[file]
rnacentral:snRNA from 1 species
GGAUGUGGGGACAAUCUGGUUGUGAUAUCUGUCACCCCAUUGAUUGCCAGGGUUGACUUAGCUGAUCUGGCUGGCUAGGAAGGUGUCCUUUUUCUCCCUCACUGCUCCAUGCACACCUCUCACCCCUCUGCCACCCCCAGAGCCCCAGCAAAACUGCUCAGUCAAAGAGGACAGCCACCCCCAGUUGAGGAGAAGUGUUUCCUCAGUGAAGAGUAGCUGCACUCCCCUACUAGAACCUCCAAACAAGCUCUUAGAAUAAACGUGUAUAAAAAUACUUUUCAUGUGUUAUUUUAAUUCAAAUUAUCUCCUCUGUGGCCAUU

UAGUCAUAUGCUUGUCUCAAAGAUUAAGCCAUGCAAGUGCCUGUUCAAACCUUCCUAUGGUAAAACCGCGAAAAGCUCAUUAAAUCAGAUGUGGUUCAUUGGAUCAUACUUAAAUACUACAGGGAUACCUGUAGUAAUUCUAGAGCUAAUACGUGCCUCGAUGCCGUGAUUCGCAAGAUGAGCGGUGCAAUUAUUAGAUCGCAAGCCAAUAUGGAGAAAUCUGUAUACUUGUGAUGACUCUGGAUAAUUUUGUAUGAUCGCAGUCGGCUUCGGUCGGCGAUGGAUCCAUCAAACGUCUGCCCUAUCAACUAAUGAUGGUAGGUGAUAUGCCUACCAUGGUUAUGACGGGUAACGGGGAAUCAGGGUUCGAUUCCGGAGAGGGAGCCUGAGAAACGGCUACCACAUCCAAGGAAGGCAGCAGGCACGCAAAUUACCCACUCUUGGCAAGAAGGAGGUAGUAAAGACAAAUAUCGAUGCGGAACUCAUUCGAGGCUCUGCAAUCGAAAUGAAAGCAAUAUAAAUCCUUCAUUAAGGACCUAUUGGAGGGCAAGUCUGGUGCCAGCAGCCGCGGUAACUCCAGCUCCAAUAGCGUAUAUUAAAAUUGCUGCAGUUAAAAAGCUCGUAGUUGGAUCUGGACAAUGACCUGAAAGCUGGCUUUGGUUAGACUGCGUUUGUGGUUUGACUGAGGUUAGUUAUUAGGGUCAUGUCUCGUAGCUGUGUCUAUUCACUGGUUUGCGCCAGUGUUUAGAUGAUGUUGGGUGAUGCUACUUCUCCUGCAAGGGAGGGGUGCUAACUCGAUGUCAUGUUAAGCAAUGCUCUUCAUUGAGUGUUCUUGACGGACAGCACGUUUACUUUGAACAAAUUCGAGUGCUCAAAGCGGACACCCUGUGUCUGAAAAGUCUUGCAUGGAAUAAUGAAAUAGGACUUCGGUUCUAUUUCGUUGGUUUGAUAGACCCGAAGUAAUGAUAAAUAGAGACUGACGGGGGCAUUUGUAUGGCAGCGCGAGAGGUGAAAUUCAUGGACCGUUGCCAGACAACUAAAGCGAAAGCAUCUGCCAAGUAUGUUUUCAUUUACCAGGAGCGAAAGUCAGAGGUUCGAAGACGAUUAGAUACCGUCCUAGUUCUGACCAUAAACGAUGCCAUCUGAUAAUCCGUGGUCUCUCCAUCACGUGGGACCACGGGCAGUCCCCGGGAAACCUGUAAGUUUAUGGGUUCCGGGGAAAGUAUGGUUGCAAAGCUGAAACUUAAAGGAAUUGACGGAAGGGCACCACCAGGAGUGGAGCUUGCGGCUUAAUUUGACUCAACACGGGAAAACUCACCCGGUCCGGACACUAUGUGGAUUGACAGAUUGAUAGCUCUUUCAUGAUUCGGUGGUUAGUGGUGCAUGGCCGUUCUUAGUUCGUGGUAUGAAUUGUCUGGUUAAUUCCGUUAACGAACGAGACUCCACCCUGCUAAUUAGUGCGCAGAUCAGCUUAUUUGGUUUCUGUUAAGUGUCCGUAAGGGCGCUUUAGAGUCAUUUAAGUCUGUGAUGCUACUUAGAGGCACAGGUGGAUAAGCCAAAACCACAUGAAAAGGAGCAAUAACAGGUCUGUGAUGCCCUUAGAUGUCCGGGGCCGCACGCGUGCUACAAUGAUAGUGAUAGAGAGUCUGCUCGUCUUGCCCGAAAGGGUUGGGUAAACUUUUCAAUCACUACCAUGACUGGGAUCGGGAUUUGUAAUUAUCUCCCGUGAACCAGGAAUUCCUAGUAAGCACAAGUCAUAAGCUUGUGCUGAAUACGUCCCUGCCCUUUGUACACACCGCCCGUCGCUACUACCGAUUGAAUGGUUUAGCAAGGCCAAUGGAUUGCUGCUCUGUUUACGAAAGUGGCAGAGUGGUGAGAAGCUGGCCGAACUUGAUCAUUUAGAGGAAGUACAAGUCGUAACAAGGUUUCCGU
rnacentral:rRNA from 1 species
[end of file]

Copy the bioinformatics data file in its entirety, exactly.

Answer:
rnacentral:snRNA from 1 species
GGAUGUGGGGACAAUCUGGUUGUGAUAUCUGUCACCCCAUUGAUUGCCAGGGUUGACUUAGCUGAUCUGGCUGGCUAGGAAGGUGUCCUUUUUCUCCCUCACUGCUCCAUGCACACCUCUCACCCCUCUGCCACCCCCAGAGCCCCAGCAAAACUGCUCAGUCAAAGAGGACAGCCACCCCCAGUUGAGGAGAAGUGUUUCCUCAGUGAAGAGUAGCUGCACUCCCCUACUAGAACCUCCAAACAAGCUCUUAGAAUAAACGUGUAUAAAAAUACUUUUCAUGUGUUAUUUUAAUUCAAAUUAUCUCCUCUGUGGCCAUU

UAGUCAUAUGCUUGUCUCAAAGAUUAAGCCAUGCAAGUGCCUGUUCAAACCUUCCUAUGGUAAAACCGCGAAAAGCUCAUUAAAUCAGAUGUGGUUCAUUGGAUCAUACUUAAAUACUACAGGGAUACCUGUAGUAAUUCUAGAGCUAAUACGUGCCUCGAUGCCGUGAUUCGCAAGAUGAGCGGUGCAAUUAUUAGAUCGCAAGCCAAUAUGGAGAAAUCUGUAUACUUGUGAUGACUCUGGAUAAUUUUGUAUGAUCGCAGUCGGCUUCGGUCGGCGAUGGAUCCAUCAAACGUCUGCCCUAUCAACUAAUGAUGGUAGGUGAUAUGCCUACCAUGGUUAUGACGGGUAACGGGGAAUCAGGGUUCGAUUCCGGAGAGGGAGCCUGAGAAACGGCUACCACAUCCAAGGAAGGCAGCAGGCACGCAAAUUACCCACUCUUGGCAAGAAGGAGGUAGUAAAGACAAAUAUCGAUGCGGAACUCAUUCGAGGCUCUGCAAUCGAAAUGAAAGCAAUAUAAAUCCUUCAUUAAGGACCUAUUGGAGGGCAAGUCUGGUGCCAGCAGCCGCGGUAACUCCAGCUCCAAUAGCGUAUAUUAAAAUUGCUGCAGUUAAAAAGCUCGUAGUUGGAUCUGGACAAUGACCUGAAAGCUGGCUUUGGUUAGACUGCGUUUGUGGUUUGACUGAGGUUAGUUAUUAGGGUCAUGUCUCGUAGCUGUGUCUAUUCACUGGUUUGCGCCAGUGUUUAGAUGAUGUUGGGUGAUGCUACUUCUCCUGCAAGGGAGGGGUGCUAACUCGAUGUCAUGUUAAGCAAUGCUCUUCAUUGAGUGUUCUUGACGGACAGCACGUUUACUUUGAACAAAUUCGAGUGCUCAAAGCGGACACCCUGUGUCUGAAAAGUCUUGCAUGGAAUAAUGAAAUAGGACUUCGGUUCUAUUUCGUUGGUUUGAUAGACCCGAAGUAAUGAUAAAUAGAGACUGACGGGGGCAUUUGUAUGGCAGCGCGAGAGGUGAAAUUCAUGGACCGUUGCCAGACAACUAAAGCGAAAGCAUCUGCCAAGUAUGUUUUCAUUUACCAGGAGCGAAAGUCAGAGGUUCGAAGACGAUUAGAUACCGUCCUAGUUCUGACCAUAAACGAUGCCAUCUGAUAAUCCGUGGUCUCUCCAUCACGUGGGACCACGGGCAGUCCCCGGGAAACCUGUAAGUUUAUGGGUUCCGGGGAAAGUAUGGUUGCAAAGCUGAAACUUAAAGGAAUUGACGGAAGGGCACCACCAGGAGUGGAGCUUGCGGCUUAAUUUGACUCAACACGGGAAAACUCACCCGGUCCGGACACUAUGUGGAUUGACAGAUUGAUAGCUCUUUCAUGAUUCGGUGGUUAGUGGUGCAUGGCCGUUCUUAGUUCGUGGUAUGAAUUGUCUGGUUAAUUCCGUUAACGAACGAGACUCCACCCUGCUAAUUAGUGCGCAGAUCAGCUUAUUUGGUUUCUGUUAAGUGUCCGUAAGGGCGCUUUAGAGUCAUUUAAGUCUGUGAUGCUACUUAGAGGCACAGGUGGAUAAGCCAAAACCACAUGAAAAGGAGCAAUAACAGGUCUGUGAUGCCCUUAGAUGUCCGGGGCCGCACGCGUGCUACAAUGAUAGUGAUAGAGAGUCUGCUCGUCUUGCCCGAAAGGGUUGGGUAAACUUUUCAAUCACUACCAUGACUGGGAUCGGGAUUUGUAAUUAUCUCCCGUGAACCAGGAAUUCCUAGUAAGCACAAGUCAUAAGCUUGUGCUGAAUACGUCCCUGCCCUUUGUACACACCGCCCGUCGCUACUACCGAUUGAAUGGUUUAGCAAGGCCAAUGGAUUGCUGCUCUGUUUACGAAAGUGGCAGAGUGGUGAGAAGCUGGCCGAACUUGAUCAUUUAGAGGAAGUACAAGUCGUAACAAGGUUUCCGU
rnacentral:rRNA from 1 species